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From microtoponyms to landscape using semantics, location, and topography: the case of Wald, Holz, Riet, and Moos in St. Gallen, Switzerland


Villette, Julia; Purves, Ross S (2020). From microtoponyms to landscape using semantics, location, and topography: the case of Wald, Holz, Riet, and Moos in St. Gallen, Switzerland. The Professional Geographer, 72(1):109-120.

Abstract

To explore landscape properties using language, we analyzed the semantics and associated physical properties of four generic landscape terms through spatially located microtoponyms in the Swiss canton of St. Gallen. We applied quantitative methods to physical and etymological data to understand how four common generic terms (Wald, Holz, Riet, and Moos) were used in microtoponyms in the canton. We observe that the meaningful elements associated with those generic terms characterize general properties of landscape independent of the feature type as well as specific properties linked to the feature. Moreover, using a toponym taxonomy, we compared co-occurrences of different terms (e.g., those associated with spatial relationships or vegetation) for the four generic terms. Holz, which we argue is more associated with land use than land cover, was markedly different in naming patterns from the other three generic terms, and we suggest that this was driven by a distinction between nature and culture. We conclude that the act of naming natural features is influenced not only by properties of the referent but also by broader scale landscape patterns and cognitive associations with landscape terms.

Abstract

To explore landscape properties using language, we analyzed the semantics and associated physical properties of four generic landscape terms through spatially located microtoponyms in the Swiss canton of St. Gallen. We applied quantitative methods to physical and etymological data to understand how four common generic terms (Wald, Holz, Riet, and Moos) were used in microtoponyms in the canton. We observe that the meaningful elements associated with those generic terms characterize general properties of landscape independent of the feature type as well as specific properties linked to the feature. Moreover, using a toponym taxonomy, we compared co-occurrences of different terms (e.g., those associated with spatial relationships or vegetation) for the four generic terms. Holz, which we argue is more associated with land use than land cover, was markedly different in naming patterns from the other three generic terms, and we suggest that this was driven by a distinction between nature and culture. We conclude that the act of naming natural features is influenced not only by properties of the referent but also by broader scale landscape patterns and cognitive associations with landscape terms.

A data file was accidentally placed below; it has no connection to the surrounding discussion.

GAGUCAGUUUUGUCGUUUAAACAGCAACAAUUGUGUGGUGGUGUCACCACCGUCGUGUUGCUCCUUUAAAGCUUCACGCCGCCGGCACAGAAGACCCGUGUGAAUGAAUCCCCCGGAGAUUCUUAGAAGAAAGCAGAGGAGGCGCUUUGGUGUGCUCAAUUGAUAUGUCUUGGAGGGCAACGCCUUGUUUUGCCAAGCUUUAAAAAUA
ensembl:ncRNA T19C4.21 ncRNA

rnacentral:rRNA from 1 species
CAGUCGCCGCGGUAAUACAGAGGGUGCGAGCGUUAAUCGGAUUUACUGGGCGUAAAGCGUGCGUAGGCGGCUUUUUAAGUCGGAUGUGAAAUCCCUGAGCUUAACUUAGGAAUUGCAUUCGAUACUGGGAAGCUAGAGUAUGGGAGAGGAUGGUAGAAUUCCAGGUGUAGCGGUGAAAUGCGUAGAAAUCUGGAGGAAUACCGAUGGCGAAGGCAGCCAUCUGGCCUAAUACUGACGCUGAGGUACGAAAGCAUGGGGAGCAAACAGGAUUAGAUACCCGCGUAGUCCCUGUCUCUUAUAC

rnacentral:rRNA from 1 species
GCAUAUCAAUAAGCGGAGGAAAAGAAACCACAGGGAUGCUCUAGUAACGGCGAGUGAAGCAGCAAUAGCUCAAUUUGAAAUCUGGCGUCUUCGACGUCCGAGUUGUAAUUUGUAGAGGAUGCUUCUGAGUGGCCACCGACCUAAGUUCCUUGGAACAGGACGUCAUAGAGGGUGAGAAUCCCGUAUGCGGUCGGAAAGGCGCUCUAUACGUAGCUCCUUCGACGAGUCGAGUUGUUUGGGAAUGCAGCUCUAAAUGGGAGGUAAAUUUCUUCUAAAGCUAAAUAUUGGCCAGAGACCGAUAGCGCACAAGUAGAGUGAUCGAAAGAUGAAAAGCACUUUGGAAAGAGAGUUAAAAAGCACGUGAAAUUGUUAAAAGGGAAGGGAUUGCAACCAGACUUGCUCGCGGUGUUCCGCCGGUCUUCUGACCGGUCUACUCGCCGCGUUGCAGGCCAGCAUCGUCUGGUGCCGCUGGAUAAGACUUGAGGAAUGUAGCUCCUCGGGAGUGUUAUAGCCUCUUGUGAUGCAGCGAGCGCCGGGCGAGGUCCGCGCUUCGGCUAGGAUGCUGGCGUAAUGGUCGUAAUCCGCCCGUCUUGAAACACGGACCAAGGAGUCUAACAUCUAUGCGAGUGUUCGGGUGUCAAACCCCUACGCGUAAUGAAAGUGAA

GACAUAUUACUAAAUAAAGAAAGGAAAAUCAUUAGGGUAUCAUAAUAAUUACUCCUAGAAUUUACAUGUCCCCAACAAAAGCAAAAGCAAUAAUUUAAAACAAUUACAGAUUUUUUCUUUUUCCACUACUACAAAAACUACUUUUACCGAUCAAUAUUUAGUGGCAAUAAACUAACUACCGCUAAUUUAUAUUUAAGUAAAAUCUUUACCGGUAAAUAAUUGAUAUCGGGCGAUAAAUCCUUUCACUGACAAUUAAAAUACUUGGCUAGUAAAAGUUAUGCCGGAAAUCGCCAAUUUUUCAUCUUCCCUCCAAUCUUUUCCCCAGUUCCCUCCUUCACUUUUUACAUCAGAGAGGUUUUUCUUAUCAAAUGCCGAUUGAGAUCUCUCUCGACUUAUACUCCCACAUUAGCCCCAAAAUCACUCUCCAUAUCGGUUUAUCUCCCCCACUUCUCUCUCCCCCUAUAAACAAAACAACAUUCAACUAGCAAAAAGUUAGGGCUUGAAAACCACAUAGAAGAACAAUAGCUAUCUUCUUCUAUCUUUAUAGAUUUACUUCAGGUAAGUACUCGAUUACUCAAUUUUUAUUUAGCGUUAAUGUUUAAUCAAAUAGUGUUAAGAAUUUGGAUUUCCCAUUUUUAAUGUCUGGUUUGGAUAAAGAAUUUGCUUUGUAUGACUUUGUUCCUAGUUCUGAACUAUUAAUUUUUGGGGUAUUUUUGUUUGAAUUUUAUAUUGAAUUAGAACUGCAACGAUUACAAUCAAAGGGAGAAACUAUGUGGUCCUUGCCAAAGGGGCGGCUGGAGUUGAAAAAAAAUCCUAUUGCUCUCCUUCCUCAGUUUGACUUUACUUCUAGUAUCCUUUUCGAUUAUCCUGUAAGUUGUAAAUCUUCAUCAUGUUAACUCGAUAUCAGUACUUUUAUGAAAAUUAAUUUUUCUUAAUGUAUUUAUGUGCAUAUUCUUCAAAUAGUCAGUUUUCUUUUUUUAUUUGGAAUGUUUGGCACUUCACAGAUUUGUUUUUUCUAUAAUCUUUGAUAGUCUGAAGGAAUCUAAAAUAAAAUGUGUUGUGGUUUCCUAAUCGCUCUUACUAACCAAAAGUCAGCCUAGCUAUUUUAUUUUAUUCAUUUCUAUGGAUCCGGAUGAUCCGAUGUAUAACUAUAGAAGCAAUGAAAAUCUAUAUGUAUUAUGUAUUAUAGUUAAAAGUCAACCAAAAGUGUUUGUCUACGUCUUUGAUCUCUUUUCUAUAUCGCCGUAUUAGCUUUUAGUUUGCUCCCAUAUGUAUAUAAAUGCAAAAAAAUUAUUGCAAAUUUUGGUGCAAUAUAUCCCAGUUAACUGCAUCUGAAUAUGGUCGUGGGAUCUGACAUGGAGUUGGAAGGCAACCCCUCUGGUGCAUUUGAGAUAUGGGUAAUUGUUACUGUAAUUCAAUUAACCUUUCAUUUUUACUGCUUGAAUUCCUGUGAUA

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Additional indexing

Item Type:Journal Article, refereed, original work
Communities & Collections:07 Faculty of Science > Institute of Geography
Dewey Decimal Classification:910 Geography & travel
Uncontrolled Keywords:Earth-Surface Processes, Geography, Planning and Development
Language:English
Date:2 January 2020
Deposited On:18 Dec 2019 13:08
Last Modified:21 Dec 2019 02:05
Publisher:Routledge
ISSN:1467-9272
OA Status:Hybrid
Publisher DOI:https://doi.org/10.1080/00330124.2019.1653772

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